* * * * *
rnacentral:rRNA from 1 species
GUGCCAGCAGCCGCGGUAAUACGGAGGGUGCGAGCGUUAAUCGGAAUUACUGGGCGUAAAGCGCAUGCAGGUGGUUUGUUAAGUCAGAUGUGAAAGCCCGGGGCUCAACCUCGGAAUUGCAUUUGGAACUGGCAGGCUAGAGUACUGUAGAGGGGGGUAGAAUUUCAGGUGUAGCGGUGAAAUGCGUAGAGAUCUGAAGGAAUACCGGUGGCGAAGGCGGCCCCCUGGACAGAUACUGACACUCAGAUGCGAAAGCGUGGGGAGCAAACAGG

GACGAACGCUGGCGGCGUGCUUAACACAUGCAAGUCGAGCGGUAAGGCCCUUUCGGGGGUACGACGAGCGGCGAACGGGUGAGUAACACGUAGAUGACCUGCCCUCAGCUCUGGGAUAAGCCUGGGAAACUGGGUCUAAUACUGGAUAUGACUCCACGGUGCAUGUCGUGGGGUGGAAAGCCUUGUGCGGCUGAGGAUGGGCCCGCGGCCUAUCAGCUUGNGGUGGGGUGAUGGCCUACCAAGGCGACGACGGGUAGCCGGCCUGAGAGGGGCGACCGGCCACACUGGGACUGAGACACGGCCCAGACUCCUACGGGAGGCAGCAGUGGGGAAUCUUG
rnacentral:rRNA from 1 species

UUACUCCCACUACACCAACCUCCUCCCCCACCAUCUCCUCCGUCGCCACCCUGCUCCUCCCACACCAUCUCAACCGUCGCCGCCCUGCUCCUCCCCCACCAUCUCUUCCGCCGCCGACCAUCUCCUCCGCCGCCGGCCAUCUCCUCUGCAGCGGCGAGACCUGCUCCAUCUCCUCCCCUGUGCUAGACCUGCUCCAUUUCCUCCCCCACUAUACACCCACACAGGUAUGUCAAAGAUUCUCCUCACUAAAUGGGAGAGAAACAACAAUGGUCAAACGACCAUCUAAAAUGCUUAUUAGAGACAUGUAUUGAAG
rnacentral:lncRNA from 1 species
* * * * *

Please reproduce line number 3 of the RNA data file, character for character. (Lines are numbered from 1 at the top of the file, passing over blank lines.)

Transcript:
GACGAACGCUGGCGGCGUGCUUAACACAUGCAAGUCGAGCGGUAAGGCCCUUUCGGGGGUACGACGAGCGGCGAACGGGUGAGUAACACGUAGAUGACCUGCCCUCAGCUCUGGGAUAAGCCUGGGAAACUGGGUCUAAUACUGGAUAUGACUCCACGGUGCAUGUCGUGGGGUGGAAAGCCUUGUGCGGCUGAGGAUGGGCCCGCGGCCUAUCAGCUUGNGGUGGGGUGAUGGCCUACCAAGGCGACGACGGGUAGCCGGCCUGAGAGGGGCGACCGGCCACACUGGGACUGAGACACGGCCCAGACUCCUACGGGAGGCAGCAGUGGGGAAUCUUG